William A. Levinson’s picture

By: William A. Levinson

People often ask for examples of benefits from implementing ISO 9001-compliant quality management systems (QMS). Such examples are often difficult to provide, at least in terms of immediate results. The reason is that the effects of ISO 9001 and its automotive counterpart ISO/TS 16949 are largely preventive, which means they are most conspicuous through their absence.

Umberto Tunesi’s picture

By: Umberto Tunesi

Back in the early 1990s, there was a saying, loudly heralded by one global registrar: “Certify your company, and the export markets will open their doors to it.” Well, the actual wording was a bit more rude, to get the message across to small companies.

By: Mike James

To remain the valuable business system that it currently is, ISO 9001 needs to continue to evolve, ensuring that organizations of all sizes, complexities, and locations see a clear connection between their strategic objectives and their quality management system (QMS). It is not just about meeting the requirements of a standard to get certification; ISO 9001 must be embedded in everything that the organization does.

William A. Levinson’s picture

By: William A. Levinson

Compliance is an unfortunate word in connection with standards because it suggests something arduous, unpleasant, costly, and annoying that one must do to “get the certificate.”

Denise Robitaille’s picture

By: Denise Robitaille

The ISO 9001 requirements pertaining to preventive action would get a lot more attention if people grasped the very simple fact that this is all about managing risk—which is really about managing the consequences of change. Whenever we change something, even for the better, there are consequences—ripples across the waters through which we navigate our quality management systems. Failure to anticipate the consequences of those changes is how we end up with bad things happening.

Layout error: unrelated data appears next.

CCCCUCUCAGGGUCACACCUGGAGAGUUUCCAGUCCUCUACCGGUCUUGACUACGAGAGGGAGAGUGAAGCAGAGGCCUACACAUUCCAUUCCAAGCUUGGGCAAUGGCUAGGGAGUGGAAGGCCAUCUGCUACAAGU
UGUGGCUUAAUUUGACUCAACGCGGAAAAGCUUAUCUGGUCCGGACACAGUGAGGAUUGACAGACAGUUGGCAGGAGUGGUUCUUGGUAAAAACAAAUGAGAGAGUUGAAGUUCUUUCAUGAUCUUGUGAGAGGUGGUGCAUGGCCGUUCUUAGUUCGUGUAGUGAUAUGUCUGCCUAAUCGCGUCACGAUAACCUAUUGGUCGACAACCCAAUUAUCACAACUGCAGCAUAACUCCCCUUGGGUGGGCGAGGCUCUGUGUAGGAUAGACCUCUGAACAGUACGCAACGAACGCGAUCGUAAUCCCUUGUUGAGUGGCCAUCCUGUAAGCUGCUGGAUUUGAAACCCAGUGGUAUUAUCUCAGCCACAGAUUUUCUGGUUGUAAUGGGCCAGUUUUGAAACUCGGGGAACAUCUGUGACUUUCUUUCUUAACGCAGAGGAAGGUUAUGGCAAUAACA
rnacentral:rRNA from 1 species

Mary H. Saunders and Nick Sinai’s default image

By: Mary H. Saunders and Nick Sinai

Imagine a world where shoe sizes were not standardized, or where golf balls came in a variety of sizes and weights. What if your favorite CDs didn’t fit in your friend’s CD player? None of these things are problems today, thanks to an army of unsung heroes known as standards.

Davis Balestracci’s picture

By: Davis Balestracci

Any improvement effort ultimately faces the issue of standardizing processes, in many cases under the intense pressure of an impending certification audit. Ask yourself: Is your rationale for standardization merely to pass the audit, or is it a serious effort to improve quality?

Davis Balestracci’s picture

By: Davis Balestracci

Because many organizations are trying for formal certification, the pressure is on to standardize and document processes. This is also true for any robust improvement effort. Organizations are currently drowning in processes that have evolved over time and consequently become rife with confusion, conflict, complexity, and chaos. There are wide gaps between how these processes should work and how they actually do work.

Mark Ames, Reg Blake, Michael J. Caruso, Phil Heinle’s default image

By: Mark Ames, Reg Blake, Michael J. Caruso, Phil Heinle

Management system standards trace their beginnings to the use of simple preventive practices that were developed and used at the beginning of the industrial revolution. These preventive practices included responses to common problems, for example, ensuring changes are communicated to everyone who needs to know about the change, and attacking the cause of a problem, not just the symptom.

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